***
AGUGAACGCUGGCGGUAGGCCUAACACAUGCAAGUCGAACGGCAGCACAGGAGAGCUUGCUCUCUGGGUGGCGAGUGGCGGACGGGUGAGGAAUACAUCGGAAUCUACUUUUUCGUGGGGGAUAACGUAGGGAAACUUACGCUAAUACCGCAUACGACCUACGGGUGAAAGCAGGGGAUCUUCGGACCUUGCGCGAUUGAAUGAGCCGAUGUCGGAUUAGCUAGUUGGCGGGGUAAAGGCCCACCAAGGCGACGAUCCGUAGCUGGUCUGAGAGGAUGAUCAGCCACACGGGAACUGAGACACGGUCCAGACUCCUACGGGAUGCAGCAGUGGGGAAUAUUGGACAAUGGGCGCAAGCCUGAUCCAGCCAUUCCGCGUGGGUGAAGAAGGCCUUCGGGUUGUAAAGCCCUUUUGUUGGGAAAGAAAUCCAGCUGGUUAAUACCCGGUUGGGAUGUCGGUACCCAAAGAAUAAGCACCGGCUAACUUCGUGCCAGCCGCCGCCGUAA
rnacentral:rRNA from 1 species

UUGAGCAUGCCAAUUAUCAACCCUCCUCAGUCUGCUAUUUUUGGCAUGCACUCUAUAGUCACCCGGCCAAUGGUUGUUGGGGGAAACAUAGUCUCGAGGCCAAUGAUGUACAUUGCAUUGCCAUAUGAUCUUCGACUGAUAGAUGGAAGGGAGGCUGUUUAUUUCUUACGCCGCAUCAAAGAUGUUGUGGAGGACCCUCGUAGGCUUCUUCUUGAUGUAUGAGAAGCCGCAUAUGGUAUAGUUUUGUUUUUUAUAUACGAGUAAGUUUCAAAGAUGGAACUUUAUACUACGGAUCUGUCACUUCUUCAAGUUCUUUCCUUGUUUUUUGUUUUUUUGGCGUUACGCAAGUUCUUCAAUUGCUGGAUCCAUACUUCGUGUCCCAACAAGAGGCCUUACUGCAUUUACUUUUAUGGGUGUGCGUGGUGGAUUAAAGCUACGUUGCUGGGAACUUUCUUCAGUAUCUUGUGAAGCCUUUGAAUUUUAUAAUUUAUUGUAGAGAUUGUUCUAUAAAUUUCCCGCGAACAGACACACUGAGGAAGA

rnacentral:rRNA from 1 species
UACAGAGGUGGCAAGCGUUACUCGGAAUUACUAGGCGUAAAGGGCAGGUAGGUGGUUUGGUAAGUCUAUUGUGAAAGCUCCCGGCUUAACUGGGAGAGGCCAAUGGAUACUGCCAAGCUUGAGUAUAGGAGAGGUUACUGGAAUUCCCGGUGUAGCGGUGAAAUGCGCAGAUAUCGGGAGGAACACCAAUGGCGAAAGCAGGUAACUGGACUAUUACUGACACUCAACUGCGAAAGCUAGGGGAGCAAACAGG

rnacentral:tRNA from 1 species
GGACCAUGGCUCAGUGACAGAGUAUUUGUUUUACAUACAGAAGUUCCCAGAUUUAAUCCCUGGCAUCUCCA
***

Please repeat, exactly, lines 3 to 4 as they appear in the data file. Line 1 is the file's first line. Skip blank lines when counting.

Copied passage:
UUGAGCAUGCCAAUUAUCAACCCUCCUCAGUCUGCUAUUUUUGGCAUGCACUCUAUAGUCACCCGGCCAAUGGUUGUUGGGGGAAACAUAGUCUCGAGGCCAAUGAUGUACAUUGCAUUGCCAUAUGAUCUUCGACUGAUAGAUGGAAGGGAGGCUGUUUAUUUCUUACGCCGCAUCAAAGAUGUUGUGGAGGACCCUCGUAGGCUUCUUCUUGAUGUAUGAGAAGCCGCAUAUGGUAUAGUUUUGUUUUUUAUAUACGAGUAAGUUUCAAAGAUGGAACUUUAUACUACGGAUCUGUCACUUCUUCAAGUUCUUUCCUUGUUUUUUGUUUUUUUGGCGUUACGCAAGUUCUUCAAUUGCUGGAUCCAUACUUCGUGUCCCAACAAGAGGCCUUACUGCAUUUACUUUUAUGGGUGUGCGUGGUGGAUUAAAGCUACGUUGCUGGGAACUUUCUUCAGUAUCUUGUGAAGCCUUUGAAUUUUAUAAUUUAUUGUAGAGAUUGUUCUAUAAAUUUCCCGCGAACAGACACACUGAGGAAGA

rnacentral:rRNA from 1 species